Written by Nurse Nacole, a board certified registered nurse, blogging about advanced nursing education and being a new nurse. On her self entitled blog, Nurse Nacole posts daily nursing tips, along with advice on nursing academics, licensing exams, professionalism and nursing school success.
I started looking into Nurse Practitioner school immediately after graduating from an RN-BSN program. I didn't want to waste anymore time and wanted to see what options were available to me. I knew that I wanted to remain in the acute care setting but I also wanted the option of working in family practices.
My RN-BSN program was entirely online and I excelled at that, so I also was searching for a Nurse Practitioner program that was 100% online, requiring visits to the campus only when absolutely needed. I work full-time and really wasn't looking forward to traveling for classes daily or even weekly. I was spoiled, in a way, by my online RN-BSN program and concluded that an online Nurse Practitioner program was for me.
There are more options if you are looking for the on-campus option, but if you want strictly online, you are going to need to do some in-depth online research. You might have to e-mail admissions or even advisors to find out if the program is offered exclusively online.
Often times, I was told it was an online program, but later found out that I would have to fly 500+ miles to meet on campus requirements each semester. While many of these programs were "technically" online, some of them required on campus components that would have been too expensive for me to fulfill.
I made it a "must" to include talking to both an Admissions Advisor and a Nursing Program Advisor. Often times, admissions only knows one aspect of information but the actual program advisor will tell you what is truly expected of you throughout the course of the program, including what may be required for traveling, as this may represent an extra cost to you as a student.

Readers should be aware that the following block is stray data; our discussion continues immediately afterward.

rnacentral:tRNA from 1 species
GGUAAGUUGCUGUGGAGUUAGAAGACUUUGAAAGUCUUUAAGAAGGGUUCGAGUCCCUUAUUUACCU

There are many specialized nurse practitioner programs, ranging from acute care pediatrics nurse practitioner to psychiatric nurse practitioner. As stated earlier, I was looking for an acute care Nurse Practitioner program with a family option. It took some time, but I found a program called an emergency nurse practitioner that offers both Acute Care/Family NP education.
The lesson in this is that, whatever specialty you are interested in, there may be a program that seems exactly right for you. Some nursing students feel like family or adult-gerontology NP options are the only ones available when searching online. This is not necessarily the case.
I recommend allowing yourself the time to search thoroughly for the program you are interested in. Don't pick the first option just because you don't "see" anything else. Be patient with yourself and find the right pick. Choosing, enrolling, and paying for a program that you are "kind of" interested in can cost a lot of money and may not be the best use of your valuable time.
If you have more than two options, you can also add a specialty certificate onto your advanced practice degree, if that option is offered by the school you choose. I, myself, am pursuing an Acute Care/Family NP education, along with a Cardiology certificate, drawing upon my current experience and interests.
That is the amazing thing about the nursing profession, your options are limitless. You can work in a hospital setting, doctor's office, operating room or throughout the community. Your passion can truly be reflected in your education and your practice setting.
The key to choosing the Nurse Practitioner program that is right for you is to do some detailed research. It is possible to find the right school with the right educational path that suits your passions and lifestyle. I did. And to you, I say, "Good luck".
To find out more about Nurse Practitioner Program options, both online and on campus, visit our program pages and request information from the schools whose offerings reflect your interests. As Nacole said, looking into several different programs is a good idea, and you can request information from as many schools as you like. Once you decide where you are interested in attending, speaking with the admission representatives from each program, as well as nursing faculty, can be very helpful. If you are having trouble finding the Nurse Practitioner programs you are looking for, email us at firstname.lastname@example.org, and we will do our best to help in your search.